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MERS: Not a cause for panic
Two new cases reported in Abu Dhabi on July 9
July 13, 2014 5:47 by kippreport
The UAE Ministry of Health confirmed two new cases of MERS coronavirus in Abu Dhabi last week.
The Middle East Respiratory Syndrome (MERS) is an acute respiratory illness that manifests with a number of symptoms, such as high fever, cough and shortness of breath, according to the US Centre for Disease Control. The first case of MERS coronavirus was reported in Saudi Arabia in April 2012, after which the World Health Organisation highlighted 496 laboratory confirmed cases around the world between September 2012 and May 2014.
Kippreport speaks with Asha Prakash, a specialist in internal medicine at the NMC Specialty Hospital, to find out more about the disease.
“Although MERS corona virus infection is a fact, there is no need for undue panic or concern, as there are many other diseases with equal or higher risks for the population. This disease is being discussed now in detail because it’s a new virus and the scientific community is still studying it,” Prakash says.
While we felt that Ramadan may be an opportunity for the virus to spread, thankfully, we were wrong. The MERS spreads faster during spring months (March and April). “Large gatherings at malls and other events happen all of the time in the country as a way of life and no population outbreaks have been reported so far. Hence, Ramadan and Eid festivities and gatherings are not expected to bring about any large-scale outbreaks.”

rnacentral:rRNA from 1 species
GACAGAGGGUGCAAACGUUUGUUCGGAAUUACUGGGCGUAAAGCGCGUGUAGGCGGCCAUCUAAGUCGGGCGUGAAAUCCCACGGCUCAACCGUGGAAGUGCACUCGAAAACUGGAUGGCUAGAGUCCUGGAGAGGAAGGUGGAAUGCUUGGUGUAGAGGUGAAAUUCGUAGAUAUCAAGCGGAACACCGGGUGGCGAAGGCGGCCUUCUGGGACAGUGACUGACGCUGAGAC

However, usual precautionary methods are advised to prevent risks.
The doctor recommends practising good hand hygiene routines to reduce chance exposures, as well as washing raw foods properly before eating. “As camels can spread the MERS coronavirus, people should avoid or take precautions while visiting farms, camel pens or camel markets,” Prakash points out.
She also recommends people to refrain from consuming uncooked camel meat and raw camel milk.